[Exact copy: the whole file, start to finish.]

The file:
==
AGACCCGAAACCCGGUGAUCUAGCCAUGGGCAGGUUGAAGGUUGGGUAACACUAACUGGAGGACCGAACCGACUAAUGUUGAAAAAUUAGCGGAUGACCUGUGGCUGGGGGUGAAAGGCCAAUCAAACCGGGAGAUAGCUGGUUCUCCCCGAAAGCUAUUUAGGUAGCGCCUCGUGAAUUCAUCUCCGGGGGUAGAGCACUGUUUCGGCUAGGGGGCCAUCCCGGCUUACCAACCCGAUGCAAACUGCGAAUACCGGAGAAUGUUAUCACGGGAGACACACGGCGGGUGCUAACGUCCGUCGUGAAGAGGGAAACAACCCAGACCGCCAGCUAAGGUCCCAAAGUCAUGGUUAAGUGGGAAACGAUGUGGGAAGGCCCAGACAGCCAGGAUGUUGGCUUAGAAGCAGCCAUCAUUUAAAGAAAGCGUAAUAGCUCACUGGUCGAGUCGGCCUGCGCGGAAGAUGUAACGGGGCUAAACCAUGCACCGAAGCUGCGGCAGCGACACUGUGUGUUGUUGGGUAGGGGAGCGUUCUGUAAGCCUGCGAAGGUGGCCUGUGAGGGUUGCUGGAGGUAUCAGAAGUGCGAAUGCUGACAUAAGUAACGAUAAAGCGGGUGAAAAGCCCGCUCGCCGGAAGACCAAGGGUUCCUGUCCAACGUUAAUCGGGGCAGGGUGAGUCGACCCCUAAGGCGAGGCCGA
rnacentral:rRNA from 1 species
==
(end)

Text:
AGACCCGAAACCCGGUGAUCUAGCCAUGGGCAGGUUGAAGGUUGGGUAACACUAACUGGAGGACCGAACCGACUAAUGUUGAAAAAUUAGCGGAUGACCUGUGGCUGGGGGUGAAAGGCCAAUCAAACCGGGAGAUAGCUGGUUCUCCCCGAAAGCUAUUUAGGUAGCGCCUCGUGAAUUCAUCUCCGGGGGUAGAGCACUGUUUCGGCUAGGGGGCCAUCCCGGCUUACCAACCCGAUGCAAACUGCGAAUACCGGAGAAUGUUAUCACGGGAGACACACGGCGGGUGCUAACGUCCGUCGUGAAGAGGGAAACAACCCAGACCGCCAGCUAAGGUCCCAAAGUCAUGGUUAAGUGGGAAACGAUGUGGGAAGGCCCAGACAGCCAGGAUGUUGGCUUAGAAGCAGCCAUCAUUUAAAGAAAGCGUAAUAGCUCACUGGUCGAGUCGGCCUGCGCGGAAGAUGUAACGGGGCUAAACCAUGCACCGAAGCUGCGGCAGCGACACUGUGUGUUGUUGGGUAGGGGAGCGUUCUGUAAGCCUGCGAAGGUGGCCUGUGAGGGUUGCUGGAGGUAUCAGAAGUGCGAAUGCUGACAUAAGUAACGAUAAAGCGGGUGAAAAGCCCGCUCGCCGGAAGACCAAGGGUUCCUGUCCAACGUUAAUCGGGGCAGGGUGAGUCGACCCCUAAGGCGAGGCCGA
rnacentral:rRNA from 1 species